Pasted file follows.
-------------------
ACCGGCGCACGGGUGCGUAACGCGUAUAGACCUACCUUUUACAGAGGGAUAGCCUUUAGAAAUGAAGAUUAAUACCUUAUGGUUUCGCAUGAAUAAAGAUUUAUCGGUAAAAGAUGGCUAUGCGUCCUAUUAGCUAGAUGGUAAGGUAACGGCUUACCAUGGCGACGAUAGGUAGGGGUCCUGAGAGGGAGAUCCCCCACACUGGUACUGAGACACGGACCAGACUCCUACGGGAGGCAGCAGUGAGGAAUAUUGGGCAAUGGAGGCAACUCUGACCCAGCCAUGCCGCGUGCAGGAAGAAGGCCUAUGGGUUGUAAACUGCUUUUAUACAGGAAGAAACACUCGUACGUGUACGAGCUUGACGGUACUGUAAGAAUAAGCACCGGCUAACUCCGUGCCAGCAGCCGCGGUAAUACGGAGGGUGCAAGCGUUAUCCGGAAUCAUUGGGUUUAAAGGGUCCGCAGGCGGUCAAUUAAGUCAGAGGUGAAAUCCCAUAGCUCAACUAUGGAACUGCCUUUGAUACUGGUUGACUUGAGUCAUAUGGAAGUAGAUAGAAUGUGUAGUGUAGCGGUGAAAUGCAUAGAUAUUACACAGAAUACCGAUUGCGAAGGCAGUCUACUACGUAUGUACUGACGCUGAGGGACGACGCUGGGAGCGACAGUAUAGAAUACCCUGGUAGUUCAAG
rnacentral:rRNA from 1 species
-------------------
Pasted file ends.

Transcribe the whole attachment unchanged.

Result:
ACCGGCGCACGGGUGCGUAACGCGUAUAGACCUACCUUUUACAGAGGGAUAGCCUUUAGAAAUGAAGAUUAAUACCUUAUGGUUUCGCAUGAAUAAAGAUUUAUCGGUAAAAGAUGGCUAUGCGUCCUAUUAGCUAGAUGGUAAGGUAACGGCUUACCAUGGCGACGAUAGGUAGGGGUCCUGAGAGGGAGAUCCCCCACACUGGUACUGAGACACGGACCAGACUCCUACGGGAGGCAGCAGUGAGGAAUAUUGGGCAAUGGAGGCAACUCUGACCCAGCCAUGCCGCGUGCAGGAAGAAGGCCUAUGGGUUGUAAACUGCUUUUAUACAGGAAGAAACACUCGUACGUGUACGAGCUUGACGGUACUGUAAGAAUAAGCACCGGCUAACUCCGUGCCAGCAGCCGCGGUAAUACGGAGGGUGCAAGCGUUAUCCGGAAUCAUUGGGUUUAAAGGGUCCGCAGGCGGUCAAUUAAGUCAGAGGUGAAAUCCCAUAGCUCAACUAUGGAACUGCCUUUGAUACUGGUUGACUUGAGUCAUAUGGAAGUAGAUAGAAUGUGUAGUGUAGCGGUGAAAUGCAUAGAUAUUACACAGAAUACCGAUUGCGAAGGCAGUCUACUACGUAUGUACUGACGCUGAGGGACGACGCUGGGAGCGACAGUAUAGAAUACCCUGGUAGUUCAAG
rnacentral:rRNA from 1 species